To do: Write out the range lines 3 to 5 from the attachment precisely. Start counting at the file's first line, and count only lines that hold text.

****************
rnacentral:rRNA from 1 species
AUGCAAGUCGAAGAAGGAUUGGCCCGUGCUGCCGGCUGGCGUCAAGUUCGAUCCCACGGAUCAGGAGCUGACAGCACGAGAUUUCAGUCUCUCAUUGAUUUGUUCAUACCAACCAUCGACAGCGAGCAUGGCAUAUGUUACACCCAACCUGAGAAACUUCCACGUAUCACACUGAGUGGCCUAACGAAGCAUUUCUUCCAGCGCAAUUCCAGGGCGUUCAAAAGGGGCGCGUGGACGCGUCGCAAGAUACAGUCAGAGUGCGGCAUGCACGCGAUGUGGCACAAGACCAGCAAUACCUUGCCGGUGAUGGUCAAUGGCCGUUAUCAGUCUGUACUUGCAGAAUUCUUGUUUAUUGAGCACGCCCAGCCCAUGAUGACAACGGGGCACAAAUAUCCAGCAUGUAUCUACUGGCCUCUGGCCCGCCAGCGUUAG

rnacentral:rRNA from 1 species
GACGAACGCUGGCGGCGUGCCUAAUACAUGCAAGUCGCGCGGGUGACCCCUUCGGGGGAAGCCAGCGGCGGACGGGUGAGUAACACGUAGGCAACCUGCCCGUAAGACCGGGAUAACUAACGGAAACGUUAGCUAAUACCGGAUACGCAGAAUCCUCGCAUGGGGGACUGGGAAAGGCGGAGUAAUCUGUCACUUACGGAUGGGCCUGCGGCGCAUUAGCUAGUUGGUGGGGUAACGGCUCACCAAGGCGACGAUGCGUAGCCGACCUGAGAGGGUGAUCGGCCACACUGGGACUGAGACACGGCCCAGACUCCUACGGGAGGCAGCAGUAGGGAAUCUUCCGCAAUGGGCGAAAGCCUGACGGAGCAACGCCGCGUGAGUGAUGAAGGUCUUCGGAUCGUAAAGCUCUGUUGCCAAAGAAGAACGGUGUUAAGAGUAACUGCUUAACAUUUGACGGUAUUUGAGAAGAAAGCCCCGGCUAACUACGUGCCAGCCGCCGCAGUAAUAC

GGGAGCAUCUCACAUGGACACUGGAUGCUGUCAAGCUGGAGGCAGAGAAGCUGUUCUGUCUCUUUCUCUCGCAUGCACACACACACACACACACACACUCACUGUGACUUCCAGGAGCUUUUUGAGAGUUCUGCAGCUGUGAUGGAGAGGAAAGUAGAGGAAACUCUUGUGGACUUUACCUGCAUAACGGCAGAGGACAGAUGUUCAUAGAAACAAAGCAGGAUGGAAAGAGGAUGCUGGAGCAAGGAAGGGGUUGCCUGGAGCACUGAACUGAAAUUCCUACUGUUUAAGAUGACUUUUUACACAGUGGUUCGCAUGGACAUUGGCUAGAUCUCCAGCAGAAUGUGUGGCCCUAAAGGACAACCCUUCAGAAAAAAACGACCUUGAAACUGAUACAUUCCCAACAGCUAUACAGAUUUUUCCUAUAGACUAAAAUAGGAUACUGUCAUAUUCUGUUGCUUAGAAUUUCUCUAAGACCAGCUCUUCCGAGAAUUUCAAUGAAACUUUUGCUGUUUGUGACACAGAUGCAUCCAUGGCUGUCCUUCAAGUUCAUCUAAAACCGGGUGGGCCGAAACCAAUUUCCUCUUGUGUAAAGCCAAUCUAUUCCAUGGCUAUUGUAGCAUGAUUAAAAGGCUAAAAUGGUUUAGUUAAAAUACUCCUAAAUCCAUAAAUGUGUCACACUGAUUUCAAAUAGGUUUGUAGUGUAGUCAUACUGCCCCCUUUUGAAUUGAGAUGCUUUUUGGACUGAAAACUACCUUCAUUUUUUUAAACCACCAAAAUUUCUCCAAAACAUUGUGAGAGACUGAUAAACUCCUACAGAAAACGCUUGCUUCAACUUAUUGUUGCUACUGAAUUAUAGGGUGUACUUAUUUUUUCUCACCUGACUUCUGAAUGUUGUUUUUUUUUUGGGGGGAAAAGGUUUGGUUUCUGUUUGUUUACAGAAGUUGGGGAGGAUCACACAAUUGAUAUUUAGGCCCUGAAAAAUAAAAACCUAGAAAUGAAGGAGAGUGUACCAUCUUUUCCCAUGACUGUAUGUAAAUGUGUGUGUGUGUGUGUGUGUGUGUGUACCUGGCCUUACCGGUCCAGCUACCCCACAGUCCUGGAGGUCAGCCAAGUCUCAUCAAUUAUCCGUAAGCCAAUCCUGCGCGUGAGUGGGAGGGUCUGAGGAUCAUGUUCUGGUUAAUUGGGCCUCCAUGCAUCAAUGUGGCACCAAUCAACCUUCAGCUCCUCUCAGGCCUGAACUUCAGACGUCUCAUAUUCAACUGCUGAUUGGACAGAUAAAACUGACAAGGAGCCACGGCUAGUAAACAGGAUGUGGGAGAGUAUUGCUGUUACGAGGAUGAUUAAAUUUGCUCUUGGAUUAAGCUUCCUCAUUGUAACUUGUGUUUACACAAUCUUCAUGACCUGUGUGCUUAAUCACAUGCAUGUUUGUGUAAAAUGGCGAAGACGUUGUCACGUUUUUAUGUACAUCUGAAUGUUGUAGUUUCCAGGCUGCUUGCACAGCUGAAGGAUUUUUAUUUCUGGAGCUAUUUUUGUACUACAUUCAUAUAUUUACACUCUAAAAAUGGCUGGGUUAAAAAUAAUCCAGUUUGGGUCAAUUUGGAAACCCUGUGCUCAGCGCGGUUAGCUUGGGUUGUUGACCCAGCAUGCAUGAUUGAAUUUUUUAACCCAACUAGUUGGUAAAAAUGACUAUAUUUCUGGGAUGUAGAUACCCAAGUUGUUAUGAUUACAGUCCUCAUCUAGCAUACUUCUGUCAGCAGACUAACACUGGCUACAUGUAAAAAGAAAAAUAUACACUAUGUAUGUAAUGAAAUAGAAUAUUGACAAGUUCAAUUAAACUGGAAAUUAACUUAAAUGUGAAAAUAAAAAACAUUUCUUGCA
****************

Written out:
rnacentral:rRNA from 1 species
GACGAACGCUGGCGGCGUGCCUAAUACAUGCAAGUCGCGCGGGUGACCCCUUCGGGGGAAGCCAGCGGCGGACGGGUGAGUAACACGUAGGCAACCUGCCCGUAAGACCGGGAUAACUAACGGAAACGUUAGCUAAUACCGGAUACGCAGAAUCCUCGCAUGGGGGACUGGGAAAGGCGGAGUAAUCUGUCACUUACGGAUGGGCCUGCGGCGCAUUAGCUAGUUGGUGGGGUAACGGCUCACCAAGGCGACGAUGCGUAGCCGACCUGAGAGGGUGAUCGGCCACACUGGGACUGAGACACGGCCCAGACUCCUACGGGAGGCAGCAGUAGGGAAUCUUCCGCAAUGGGCGAAAGCCUGACGGAGCAACGCCGCGUGAGUGAUGAAGGUCUUCGGAUCGUAAAGCUCUGUUGCCAAAGAAGAACGGUGUUAAGAGUAACUGCUUAACAUUUGACGGUAUUUGAGAAGAAAGCCCCGGCUAACUACGUGCCAGCCGCCGCAGUAAUAC

GGGAGCAUCUCACAUGGACACUGGAUGCUGUCAAGCUGGAGGCAGAGAAGCUGUUCUGUCUCUUUCUCUCGCAUGCACACACACACACACACACACACUCACUGUGACUUCCAGGAGCUUUUUGAGAGUUCUGCAGCUGUGAUGGAGAGGAAAGUAGAGGAAACUCUUGUGGACUUUACCUGCAUAACGGCAGAGGACAGAUGUUCAUAGAAACAAAGCAGGAUGGAAAGAGGAUGCUGGAGCAAGGAAGGGGUUGCCUGGAGCACUGAACUGAAAUUCCUACUGUUUAAGAUGACUUUUUACACAGUGGUUCGCAUGGACAUUGGCUAGAUCUCCAGCAGAAUGUGUGGCCCUAAAGGACAACCCUUCAGAAAAAAACGACCUUGAAACUGAUACAUUCCCAACAGCUAUACAGAUUUUUCCUAUAGACUAAAAUAGGAUACUGUCAUAUUCUGUUGCUUAGAAUUUCUCUAAGACCAGCUCUUCCGAGAAUUUCAAUGAAACUUUUGCUGUUUGUGACACAGAUGCAUCCAUGGCUGUCCUUCAAGUUCAUCUAAAACCGGGUGGGCCGAAACCAAUUUCCUCUUGUGUAAAGCCAAUCUAUUCCAUGGCUAUUGUAGCAUGAUUAAAAGGCUAAAAUGGUUUAGUUAAAAUACUCCUAAAUCCAUAAAUGUGUCACACUGAUUUCAAAUAGGUUUGUAGUGUAGUCAUACUGCCCCCUUUUGAAUUGAGAUGCUUUUUGGACUGAAAACUACCUUCAUUUUUUUAAACCACCAAAAUUUCUCCAAAACAUUGUGAGAGACUGAUAAACUCCUACAGAAAACGCUUGCUUCAACUUAUUGUUGCUACUGAAUUAUAGGGUGUACUUAUUUUUUCUCACCUGACUUCUGAAUGUUGUUUUUUUUUUGGGGGGAAAAGGUUUGGUUUCUGUUUGUUUACAGAAGUUGGGGAGGAUCACACAAUUGAUAUUUAGGCCCUGAAAAAUAAAAACCUAGAAAUGAAGGAGAGUGUACCAUCUUUUCCCAUGACUGUAUGUAAAUGUGUGUGUGUGUGUGUGUGUGUGUGUACCUGGCCUUACCGGUCCAGCUACCCCACAGUCCUGGAGGUCAGCCAAGUCUCAUCAAUUAUCCGUAAGCCAAUCCUGCGCGUGAGUGGGAGGGUCUGAGGAUCAUGUUCUGGUUAAUUGGGCCUCCAUGCAUCAAUGUGGCACCAAUCAACCUUCAGCUCCUCUCAGGCCUGAACUUCAGACGUCUCAUAUUCAACUGCUGAUUGGACAGAUAAAACUGACAAGGAGCCACGGCUAGUAAACAGGAUGUGGGAGAGUAUUGCUGUUACGAGGAUGAUUAAAUUUGCUCUUGGAUUAAGCUUCCUCAUUGUAACUUGUGUUUACACAAUCUUCAUGACCUGUGUGCUUAAUCACAUGCAUGUUUGUGUAAAAUGGCGAAGACGUUGUCACGUUUUUAUGUACAUCUGAAUGUUGUAGUUUCCAGGCUGCUUGCACAGCUGAAGGAUUUUUAUUUCUGGAGCUAUUUUUGUACUACAUUCAUAUAUUUACACUCUAAAAAUGGCUGGGUUAAAAAUAAUCCAGUUUGGGUCAAUUUGGAAACCCUGUGCUCAGCGCGGUUAGCUUGGGUUGUUGACCCAGCAUGCAUGAUUGAAUUUUUUAACCCAACUAGUUGGUAAAAAUGACUAUAUUUCUGGGAUGUAGAUACCCAAGUUGUUAUGAUUACAGUCCUCAUCUAGCAUACUUCUGUCAGCAGACUAACACUGGCUACAUGUAAAAAGAAAAAUAUACACUAUGUAUGUAAUGAAAUAGAAUAUUGACAAGUUCAAUUAAACUGGAAAUUAACUUAAAUGUGAAAAUAAAAAACAUUUCUUGCA